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For Rich, Buttery Dosas

Gramina Thindi in Jayanagar specialises in Karnataka delights that are unbelievably light on the pocket and makes sure that the diners get to have the best in the range

Published: 12th December 2015 06:59 AM  |   Last Updated: 12th December 2015 06:59 AM   |  A+A-

Gramina Thindi, a hole-in-the-wall eatery in Jayanagar IV Block, serves up hearty south Indian breakfast and snacks. While it is a typical self-service restaurant with limited seating, the price and the quality of food are more than enough to keep you going back for more.

The calorie-heavy Davangere Benne Dosa is the restaurant’s specialty. Made with ample butter and ghee, the crispy dosas melt in your mouth. They come in khali, masala and open varieties. The filling comprises mashed salted potatoes, with no spices or seasoning other than a hint of cardamom. The dish is served with fresh coconut chutney that complements its taste brilliantly. Filling as it is, you might be tempted to order a second one. So weight watchers, steer clear.

DOSA.JPGOther dishes in the not-very-elaborate menu include idli, uddina vada, paddu, khara bhath, kesari bhath and avalakki oggarane, all served only with coconut chutney. The shavige is not the instant variety that has infiltrated today’s market, especially over the past couple of decades. Instead, it’s made fresh from steamed rice flour and seasoned with turmeric and mustard seeds.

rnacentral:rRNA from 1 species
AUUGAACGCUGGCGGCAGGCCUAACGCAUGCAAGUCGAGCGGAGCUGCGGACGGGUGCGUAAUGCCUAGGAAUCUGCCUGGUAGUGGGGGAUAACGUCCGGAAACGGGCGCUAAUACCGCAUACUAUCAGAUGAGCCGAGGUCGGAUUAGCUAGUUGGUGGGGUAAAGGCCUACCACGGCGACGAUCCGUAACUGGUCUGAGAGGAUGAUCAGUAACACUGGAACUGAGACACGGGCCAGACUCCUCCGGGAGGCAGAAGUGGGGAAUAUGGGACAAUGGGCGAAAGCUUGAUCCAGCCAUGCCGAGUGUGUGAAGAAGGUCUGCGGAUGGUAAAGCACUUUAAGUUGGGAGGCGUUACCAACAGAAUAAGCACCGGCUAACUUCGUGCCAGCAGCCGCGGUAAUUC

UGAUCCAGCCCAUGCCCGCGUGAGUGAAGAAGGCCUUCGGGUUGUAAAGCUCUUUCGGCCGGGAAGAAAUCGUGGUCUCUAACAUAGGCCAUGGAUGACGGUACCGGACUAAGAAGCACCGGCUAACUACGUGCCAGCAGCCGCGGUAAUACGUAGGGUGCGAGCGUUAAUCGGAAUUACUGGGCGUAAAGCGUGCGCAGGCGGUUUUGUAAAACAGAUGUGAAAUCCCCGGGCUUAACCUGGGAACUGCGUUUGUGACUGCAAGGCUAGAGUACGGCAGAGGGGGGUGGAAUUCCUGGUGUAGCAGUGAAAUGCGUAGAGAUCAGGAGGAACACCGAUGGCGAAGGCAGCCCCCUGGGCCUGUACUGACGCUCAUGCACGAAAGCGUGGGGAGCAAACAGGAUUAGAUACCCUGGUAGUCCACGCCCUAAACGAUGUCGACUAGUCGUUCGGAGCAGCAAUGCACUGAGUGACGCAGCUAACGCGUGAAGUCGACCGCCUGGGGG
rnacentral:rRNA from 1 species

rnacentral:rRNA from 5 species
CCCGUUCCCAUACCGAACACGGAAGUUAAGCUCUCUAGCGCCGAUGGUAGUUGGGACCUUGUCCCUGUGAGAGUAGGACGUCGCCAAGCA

DOSAS.jpgFor rice-lovers, there’s mix bhath, bisibele bhath with the other rice item of the day. There’s always curd rice to finish the meal off in true South Indian style.

In the evening, the restaurant serves the more spicy delicacies like mirchi bajjis, girimit (a North Karnataka dish that is a lot like bhel poori) and mandakki oggarane, a poha-like preparation made of puffed rice.

Food at Gramina Thindi is very reasonably priced. Tea and filter coffee cost `6 and are as good as they get. Along with a piping hot plate of dosa or idli, they taste heavenly.

Though it has the buzz characteristic of a Bengaluru darshini, there’s always enough place for everyone. You could choose to savour a quick meal, standing around the steel tables or sit cross-legged on the stone ledges rather reminiscent of jaglis – outdoor seating in villages.



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